Autumn may offer homeowners a much appreciated break from summer-time cooling, yet before long it will be time to power up the thermostat again. To help reduce potential higher heating costs and increase your home’s energy efficiency and comfort, give your home a thorough energy inspection and make sure it’s adequately insulated and prepped for the upcoming cold months. This can be done either on your own or with the help of a professional energy auditor. Begin the inspection with these simple tips:
Doors: Keep the bitter cold where it belongs, outside. Any door in your home that opens to the outdoors should be well examined for any trace of an opening. Even the most microscopic hole can allow a draft of cold air to seep into your home. “Look for places where you can see light coming in,” suggests Michael Sznajderman of Alabama Power. Air leaks can be prevented by applying weatherstripping around a door’s frame, and a door sweep to seal the bottom of the door. Storm doors also help to reduce wasted energy by creating “dead space” between the cold outside air and your home’s entryway.
Windows: According to the U.S. Department of Energy, energy-efficient windows can reduce average heating costs by as much as 20 to 30%. Yet, if your home isn’t equipped with newer windows, and installing them isn’t a feasible option, there are other simple steps you can take to winterize your windows. Check for air leaks in windows in the same manner as the doors. If a draft or sign of light is found seeping through the window’s frame, install weatherstripping, or apply caulking around the window’s perimeter. Using heavier drapes or installing blinds can also help create an extra barrier. However, on any south-facing windows, make sure to keep blinds and curtains open during the day to benefit from the added warmth of sunlight.
Thermostat: It’s the worst feeling-you get to work and realize you forgot to lower the temperature on the thermostat. You can practically visualize the cost of your error in the form of dollar bills shooting out through the heating vents. Installing a programmable thermostat can help reduce the fear of wasteful energy expenses simply by allowing you the freedom to pre-set desired temperatures throughout any time of the day. Also, at night, consider lowering the heat by just a few degrees and using an extra blanket or two while sleeping, suggests Sznajderman, who says that simple changes in habits like these are what really help make a big difference in reducing energy costs.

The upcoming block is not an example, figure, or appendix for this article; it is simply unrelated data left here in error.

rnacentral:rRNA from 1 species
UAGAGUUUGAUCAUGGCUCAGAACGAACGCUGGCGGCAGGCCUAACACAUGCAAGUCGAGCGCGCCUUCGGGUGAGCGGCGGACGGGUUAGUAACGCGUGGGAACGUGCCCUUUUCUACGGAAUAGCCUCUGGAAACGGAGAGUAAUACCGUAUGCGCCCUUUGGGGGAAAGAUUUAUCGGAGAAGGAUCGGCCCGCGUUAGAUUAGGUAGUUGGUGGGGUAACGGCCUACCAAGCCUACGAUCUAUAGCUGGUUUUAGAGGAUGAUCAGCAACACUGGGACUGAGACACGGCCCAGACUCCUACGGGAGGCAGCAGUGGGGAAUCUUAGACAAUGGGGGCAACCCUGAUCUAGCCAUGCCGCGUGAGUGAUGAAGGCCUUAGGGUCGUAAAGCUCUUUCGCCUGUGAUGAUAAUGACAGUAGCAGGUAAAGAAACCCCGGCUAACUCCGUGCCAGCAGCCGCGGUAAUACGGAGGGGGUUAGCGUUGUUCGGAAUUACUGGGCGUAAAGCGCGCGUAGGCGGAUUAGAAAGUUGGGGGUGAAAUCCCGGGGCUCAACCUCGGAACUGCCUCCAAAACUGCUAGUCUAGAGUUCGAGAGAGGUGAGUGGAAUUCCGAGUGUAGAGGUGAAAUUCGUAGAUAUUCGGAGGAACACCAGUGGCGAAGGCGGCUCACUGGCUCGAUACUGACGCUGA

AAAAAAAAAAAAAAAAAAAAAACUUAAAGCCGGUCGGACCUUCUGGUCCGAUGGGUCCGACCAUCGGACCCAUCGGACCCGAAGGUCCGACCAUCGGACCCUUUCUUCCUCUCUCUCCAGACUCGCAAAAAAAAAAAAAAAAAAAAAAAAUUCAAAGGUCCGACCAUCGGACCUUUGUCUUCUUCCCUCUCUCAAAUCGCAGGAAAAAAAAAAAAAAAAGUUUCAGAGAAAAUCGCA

Ceiling fans: Although ceiling fans are most known for their ability to help circulate cool air during the warmer seasons, they can also be just as useful during the cooler months. Warmer air has a natural tendency to rise, and normally hovers near the ceiling of a room. By simply changing the direction of a ceiling fan’s rotation, you will direct the blades to force the cool air in a room upward, and the warm air downward-into your living space.
Heating vents: Having clean filters for a home’s heating and cooling system is another simple way to prevent wasted energy costs, says Sznajderman. Alabama Power recommends checking filters and air vents once a month to make sure they are clean and free of any debris. Also, make sure that air flow is unobstructed by any furniture, draperies, or other household objects-doing so will lead to higher energy efficiency.
For more information and additional energy-saving tips, please visit Alabama Power.